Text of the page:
Telecoms, data center infrastructure infiltrated, Bloomberg stories say, mystery deepens despite denials

13 October 2018 by Steve Blum
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Taken at face value, a pair of articles on Bloomberg by Jordan Robertson and Michael Riley details how Chinese government intelligence agencies snuck tiny chips into computer servers used by Amazon and Apple, and by at least one major U.S. telecoms company. The devices – as small as the tip of a pencil – could be used to listen to communications going in and out, or to dive deeper into those systems.

If true, Bloomberg’s reporting means that the Chinese government, and possibly other intelligence agencies and criminal groups, have a backdoor that leads deep into U.S.… More

FBI’s plea for encryption back doors based on false information

2 June 2018 by Steve Blum
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The Federal Bureau of Investigation gave the U.S. congress and the public bad information about the problems it has cracking encrypted phones during investigations, many times over several months. According to a story by Devlin Barrett in the Washington Post, FBI director Christopher Wray repeatedly, and falsely, claimed that agents were locked out of almost 7,800 smart phones and other devices, because of advanced encryption.

He began using the 7,800 figure last year, when he urged congress to give law enforcement back door access to encrypted devices and content…

Wray has repeated the claim about 7,800 locked phones, including in a March speech.


FBI didn't tell the whole truth about cracking encrypted iPhone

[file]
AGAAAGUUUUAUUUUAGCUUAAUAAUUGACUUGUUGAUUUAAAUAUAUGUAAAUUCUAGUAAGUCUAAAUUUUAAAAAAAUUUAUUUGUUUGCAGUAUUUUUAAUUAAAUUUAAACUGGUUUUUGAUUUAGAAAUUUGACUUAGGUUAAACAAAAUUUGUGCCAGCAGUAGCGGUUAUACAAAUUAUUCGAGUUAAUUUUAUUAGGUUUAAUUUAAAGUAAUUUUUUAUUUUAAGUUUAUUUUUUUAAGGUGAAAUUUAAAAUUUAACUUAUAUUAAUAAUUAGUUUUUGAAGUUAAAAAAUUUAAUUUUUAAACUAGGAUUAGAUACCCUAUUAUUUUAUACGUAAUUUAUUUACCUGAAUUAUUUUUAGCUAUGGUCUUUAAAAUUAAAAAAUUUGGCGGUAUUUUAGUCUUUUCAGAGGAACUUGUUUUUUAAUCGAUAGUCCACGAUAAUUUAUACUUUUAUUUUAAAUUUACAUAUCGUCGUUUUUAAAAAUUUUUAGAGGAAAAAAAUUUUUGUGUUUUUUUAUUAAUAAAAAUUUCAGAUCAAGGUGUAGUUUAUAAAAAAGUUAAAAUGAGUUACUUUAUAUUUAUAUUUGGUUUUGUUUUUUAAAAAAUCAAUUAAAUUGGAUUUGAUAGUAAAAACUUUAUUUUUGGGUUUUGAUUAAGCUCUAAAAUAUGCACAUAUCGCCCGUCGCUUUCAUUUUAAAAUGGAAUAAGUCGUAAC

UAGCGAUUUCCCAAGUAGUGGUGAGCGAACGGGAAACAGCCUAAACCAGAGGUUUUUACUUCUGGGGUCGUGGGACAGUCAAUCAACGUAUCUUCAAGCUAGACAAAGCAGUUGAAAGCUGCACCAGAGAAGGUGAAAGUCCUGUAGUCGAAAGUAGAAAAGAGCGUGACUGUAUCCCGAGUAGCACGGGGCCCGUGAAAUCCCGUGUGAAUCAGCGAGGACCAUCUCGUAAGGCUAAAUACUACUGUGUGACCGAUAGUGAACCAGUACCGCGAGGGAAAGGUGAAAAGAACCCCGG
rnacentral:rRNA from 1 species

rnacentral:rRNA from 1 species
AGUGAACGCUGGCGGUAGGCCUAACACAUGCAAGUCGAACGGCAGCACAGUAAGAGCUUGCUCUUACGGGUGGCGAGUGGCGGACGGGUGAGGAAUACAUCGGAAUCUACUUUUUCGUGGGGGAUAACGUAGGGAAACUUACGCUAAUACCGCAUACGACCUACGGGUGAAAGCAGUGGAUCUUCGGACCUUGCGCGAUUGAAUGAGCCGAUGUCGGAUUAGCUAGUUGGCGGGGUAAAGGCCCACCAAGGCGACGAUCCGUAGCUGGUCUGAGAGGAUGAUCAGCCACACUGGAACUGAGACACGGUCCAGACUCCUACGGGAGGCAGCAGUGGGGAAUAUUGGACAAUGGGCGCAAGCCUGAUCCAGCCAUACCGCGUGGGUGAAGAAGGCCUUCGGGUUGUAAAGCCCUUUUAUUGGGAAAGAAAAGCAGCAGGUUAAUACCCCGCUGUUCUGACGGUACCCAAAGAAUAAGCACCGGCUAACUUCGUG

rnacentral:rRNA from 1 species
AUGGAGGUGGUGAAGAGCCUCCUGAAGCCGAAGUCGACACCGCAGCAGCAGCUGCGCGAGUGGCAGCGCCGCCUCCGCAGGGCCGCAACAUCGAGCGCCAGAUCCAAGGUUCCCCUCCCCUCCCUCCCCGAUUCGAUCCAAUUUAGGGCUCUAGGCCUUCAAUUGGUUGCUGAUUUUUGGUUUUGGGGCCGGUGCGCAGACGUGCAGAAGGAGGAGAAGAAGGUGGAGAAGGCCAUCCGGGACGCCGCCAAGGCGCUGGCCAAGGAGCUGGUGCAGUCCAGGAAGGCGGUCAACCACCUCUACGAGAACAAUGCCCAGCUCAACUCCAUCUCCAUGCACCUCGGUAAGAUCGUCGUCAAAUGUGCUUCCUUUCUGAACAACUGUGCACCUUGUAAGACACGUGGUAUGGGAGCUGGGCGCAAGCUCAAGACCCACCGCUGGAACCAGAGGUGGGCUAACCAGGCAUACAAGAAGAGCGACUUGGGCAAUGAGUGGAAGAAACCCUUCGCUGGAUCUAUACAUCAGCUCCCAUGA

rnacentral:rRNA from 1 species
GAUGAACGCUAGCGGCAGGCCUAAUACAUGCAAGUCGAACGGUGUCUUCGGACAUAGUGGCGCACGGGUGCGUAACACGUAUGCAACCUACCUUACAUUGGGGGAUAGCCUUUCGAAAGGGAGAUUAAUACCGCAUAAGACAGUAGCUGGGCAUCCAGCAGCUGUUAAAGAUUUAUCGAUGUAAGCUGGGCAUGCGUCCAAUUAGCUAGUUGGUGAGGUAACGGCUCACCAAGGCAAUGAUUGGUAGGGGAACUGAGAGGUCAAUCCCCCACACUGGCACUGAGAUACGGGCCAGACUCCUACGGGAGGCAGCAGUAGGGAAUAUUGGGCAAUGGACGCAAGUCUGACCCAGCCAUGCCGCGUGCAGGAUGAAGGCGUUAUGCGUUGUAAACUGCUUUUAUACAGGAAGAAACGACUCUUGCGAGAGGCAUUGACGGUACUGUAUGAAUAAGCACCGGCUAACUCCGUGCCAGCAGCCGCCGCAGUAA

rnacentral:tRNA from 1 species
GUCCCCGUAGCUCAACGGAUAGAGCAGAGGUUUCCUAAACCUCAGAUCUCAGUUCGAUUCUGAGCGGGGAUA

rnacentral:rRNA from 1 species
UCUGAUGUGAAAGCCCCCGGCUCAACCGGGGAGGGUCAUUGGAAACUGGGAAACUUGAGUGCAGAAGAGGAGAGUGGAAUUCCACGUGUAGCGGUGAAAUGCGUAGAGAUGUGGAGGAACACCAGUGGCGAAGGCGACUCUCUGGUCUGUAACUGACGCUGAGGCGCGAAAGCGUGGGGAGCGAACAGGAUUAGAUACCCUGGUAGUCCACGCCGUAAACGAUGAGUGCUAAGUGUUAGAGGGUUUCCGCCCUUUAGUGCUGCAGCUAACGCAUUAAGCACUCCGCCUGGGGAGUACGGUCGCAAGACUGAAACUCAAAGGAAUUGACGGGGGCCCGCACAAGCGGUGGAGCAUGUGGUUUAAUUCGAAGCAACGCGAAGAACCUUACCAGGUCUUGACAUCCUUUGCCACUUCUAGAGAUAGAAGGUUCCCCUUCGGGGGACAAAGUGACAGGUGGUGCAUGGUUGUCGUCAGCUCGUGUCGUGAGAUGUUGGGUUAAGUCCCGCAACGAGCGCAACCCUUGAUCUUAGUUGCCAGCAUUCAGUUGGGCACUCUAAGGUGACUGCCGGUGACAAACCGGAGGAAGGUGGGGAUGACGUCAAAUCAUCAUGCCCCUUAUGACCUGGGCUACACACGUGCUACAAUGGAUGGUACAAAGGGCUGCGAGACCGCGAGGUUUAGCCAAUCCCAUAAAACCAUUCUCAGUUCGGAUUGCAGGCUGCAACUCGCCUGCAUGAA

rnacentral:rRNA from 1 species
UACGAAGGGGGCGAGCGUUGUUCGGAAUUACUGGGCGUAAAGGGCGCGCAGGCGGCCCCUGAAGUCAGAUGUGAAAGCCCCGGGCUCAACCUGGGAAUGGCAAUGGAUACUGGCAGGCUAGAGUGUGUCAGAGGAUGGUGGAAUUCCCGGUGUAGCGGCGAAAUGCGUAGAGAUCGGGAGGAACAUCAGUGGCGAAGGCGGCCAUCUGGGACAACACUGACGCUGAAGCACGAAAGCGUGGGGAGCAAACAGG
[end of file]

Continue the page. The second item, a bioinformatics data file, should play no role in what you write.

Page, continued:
31 March 2018 by Steve Blum
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When a pair of shooters attacked an employee party at a San Bernardino County facility in 2015, killing 14 people before being shot by police themselves, one of the attackers left behind an encrypted iPhone that might or might have had information relevant to the subsequent investigation.

Publicly, the Federal Bureau of Investigation’s solution was to force Apple to rewrite its iOS operating system so law enforcement could crack not only the San Bernardino phone, but any iPhone thereafter.… More

Quickest way to defeat cyber security is to not engage it

11 November 2017 by Steve Blum
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Newsflash! Bad software development practices cause bad results. That’s the gist of a press release issued by Appthority, an IT security company specialising in the mobile enterprise sector.

What Appthority found isn’t a particular revelation. Developers will often hard code their own login credentials into apps while writing and debugging early versions, just to keep things simple. If they forget to remove that data before moving into beta testing and launch phases, it’s there for the taking.… More

Federal agencies ignore cyber security while breaches continue

7 October 2017 by Steve Blum
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Cyber security at federal agencies continues to be so bad that the Government Accountability Office is throwing up its hands and saying we’ve already told you what needs to be done, so just do it

While federal agencies are working to carry out their [Federal Information Security Modernization Act]-assigned responsibilities, they continue to experience information security program deficiencies and security control weaknesses in all areas including access, configuration management, and segregation of duties. In addition, the inspectors general evaluations of the information security program and practices at their agencies determined that most agencies did not have effective information security program functions.